My current status as a professional fighter — one competing at the highest levels of my sport — didn’t happen overnight. Years prior to dancing under those bright UFC lights, I had only a dream, and the resolve to make it a reality. Most will never see, or even know of, the countless hours of practice, years of discipline and numerous obstacles I had to overcome to get to where I currently am, with no plans to stop. The road for a mixed martial artist can be long, with gigantic highs and devastating lows guaranteed. (Not to mention, the endless variables in a fight, which can leave even the best on the wrong end of a strike, submission or judges’ decision.)
Although an “individual” sport, it takes a small army to get someone ready for fight night; I’ve been very lucky to have great support, both on and off the mats. In the gym, my coaches and training partners have pushed me, both mentally and physically, to strive for greatness. Outside of it, my friends and family have been nothing but supportive, showing up to most, if not all of my fights in North America. Thankfully, living in the Internet age, and through social media, my friends and family, along with fans (a word I’m still getting used to), can keep up with my global endeavours as well. Countries like Brazil, Thailand and Japan are all hotbeds of martial arts, and places I’ve had the privilege to visit and train.
I embarked upon this journey due to my desire to succeed, no matter the sacrifices. My sport, like many, isn’t lucrative for those breaking in. I would argue that money should take a back seat to passion; you don’t fight for cash — you fight for yourself first, and the possibility of riches way down the road. After a few years fighting in smaller shows, and a short notice win in Bellator, I would reach my breakout moment on reality show The Ultimate Fighter: Canada vs. Australia, which I competed in and won. In the process, I became the first Canadian to accomplish this feat, earning a six-figure UFC contract.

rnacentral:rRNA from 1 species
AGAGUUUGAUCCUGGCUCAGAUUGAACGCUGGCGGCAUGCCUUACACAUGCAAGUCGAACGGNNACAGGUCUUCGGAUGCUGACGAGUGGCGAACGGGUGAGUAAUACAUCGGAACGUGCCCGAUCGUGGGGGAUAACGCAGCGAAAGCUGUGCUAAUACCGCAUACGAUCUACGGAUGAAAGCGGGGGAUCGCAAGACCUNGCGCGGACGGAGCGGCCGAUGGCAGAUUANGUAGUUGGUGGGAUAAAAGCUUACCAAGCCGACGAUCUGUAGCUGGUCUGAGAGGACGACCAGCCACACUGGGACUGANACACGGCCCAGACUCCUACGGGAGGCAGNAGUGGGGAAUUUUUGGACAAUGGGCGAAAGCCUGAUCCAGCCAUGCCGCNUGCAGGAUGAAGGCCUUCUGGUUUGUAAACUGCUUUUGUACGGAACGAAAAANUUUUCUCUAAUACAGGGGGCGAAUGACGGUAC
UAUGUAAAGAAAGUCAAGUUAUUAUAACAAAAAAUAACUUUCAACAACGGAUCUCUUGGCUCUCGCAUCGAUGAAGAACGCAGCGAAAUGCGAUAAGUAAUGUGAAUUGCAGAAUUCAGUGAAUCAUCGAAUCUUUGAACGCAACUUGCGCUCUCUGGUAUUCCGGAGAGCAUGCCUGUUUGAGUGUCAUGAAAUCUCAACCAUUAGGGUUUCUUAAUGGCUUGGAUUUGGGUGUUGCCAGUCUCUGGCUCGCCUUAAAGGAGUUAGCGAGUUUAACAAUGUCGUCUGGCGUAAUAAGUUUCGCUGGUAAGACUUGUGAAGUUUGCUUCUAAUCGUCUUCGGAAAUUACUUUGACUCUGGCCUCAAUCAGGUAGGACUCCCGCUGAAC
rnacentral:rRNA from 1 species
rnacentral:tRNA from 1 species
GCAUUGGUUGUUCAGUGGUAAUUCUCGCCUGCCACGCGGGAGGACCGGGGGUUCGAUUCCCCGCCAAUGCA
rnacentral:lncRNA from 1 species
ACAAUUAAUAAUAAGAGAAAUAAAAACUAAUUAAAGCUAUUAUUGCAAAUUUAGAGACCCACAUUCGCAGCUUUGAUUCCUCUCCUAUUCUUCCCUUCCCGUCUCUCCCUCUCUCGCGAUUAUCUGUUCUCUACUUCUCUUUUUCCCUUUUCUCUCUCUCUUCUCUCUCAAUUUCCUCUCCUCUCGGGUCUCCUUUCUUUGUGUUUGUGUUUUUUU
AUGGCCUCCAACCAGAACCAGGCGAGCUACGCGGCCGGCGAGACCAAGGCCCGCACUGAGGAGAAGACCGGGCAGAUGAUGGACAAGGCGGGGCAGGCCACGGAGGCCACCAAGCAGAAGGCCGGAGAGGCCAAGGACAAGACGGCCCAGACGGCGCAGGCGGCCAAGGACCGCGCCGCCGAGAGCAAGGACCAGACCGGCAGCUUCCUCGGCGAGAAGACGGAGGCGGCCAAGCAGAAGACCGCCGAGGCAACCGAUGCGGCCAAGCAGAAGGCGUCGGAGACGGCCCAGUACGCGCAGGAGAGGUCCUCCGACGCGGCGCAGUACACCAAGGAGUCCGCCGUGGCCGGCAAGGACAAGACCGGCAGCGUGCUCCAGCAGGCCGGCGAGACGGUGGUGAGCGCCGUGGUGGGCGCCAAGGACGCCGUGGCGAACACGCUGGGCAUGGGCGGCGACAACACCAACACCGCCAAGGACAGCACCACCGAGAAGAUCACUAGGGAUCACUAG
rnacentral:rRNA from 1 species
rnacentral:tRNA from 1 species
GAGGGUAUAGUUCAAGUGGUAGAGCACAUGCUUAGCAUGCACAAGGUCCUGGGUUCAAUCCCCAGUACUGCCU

However, before this current pinnacle of my career, there was the hard road I had to travel, which lacked the security I currently enjoy. As I came up in the ranks as a fighter, I used my background education (a BA in Creative Advertising) to create relationships with different companies, many of which remain to this today.
That said, my first, and most influential, partnership came not by actively seeking it, but by a chance meeting with someone very similar to myself, despite being in a very different profession. The day I met Tribecca Finance president Rajan Kaushal, he actually had plans to see someone else. He was at the gym, looking to sponsor a different fighter. However, fresh off my first professional match (and win), I was eager to share the online video with anyone that would watch.
He would later tell me that it was my tenacity to fly solo — I fought without my coach, at the time, who couldn’t make it — and throw caution to the wind that caught his attention. Over the next few weeks, then months, Rajan and I began finding increasing common ground, eventually becoming friends. One of the reasons was that we’re very much alike, having the same drive and desire for success.
As I racked up victory after victory in various cages and promotions, Rajan continued to offer his guidance and friendship. I was honoured to receive a sponsorship from my new friend, and mentor. This support was critical to my growth in my early years. The ability to focus on my passion, without worrying about outside distractions, allowed me to strive for greatness — always focusing on the task at hand.
Over the years, Rajan has been a mentor, supporter and, most importantly, friend. Our relationship transcends the cage, with not just his years as the leader of a very successful company to draw upon, but his life experience as well. He’s been there to offer his often-priceless guidance as I’ve grown as a fighter, and person; I am thankful to have Rajan and Tribecca in my corner. As stated, he believed in me before it was “cool” and, in turn, helped establish a level of confidence in my name and brand, in regards to other companies and sponsors. Rajan’s ability to pick a “winner” when investing in an athlete in many ways parallels his success with Tribecca.
As an alternative lender, Rajan and his company constantly have to believe in people, sometimes when no one else will. To help foster success in the lives of so many is an extraordinary accomplishment, and that’s what he and his company specialize in, whether it’s an individual, a new business or a professional fighter with a dream.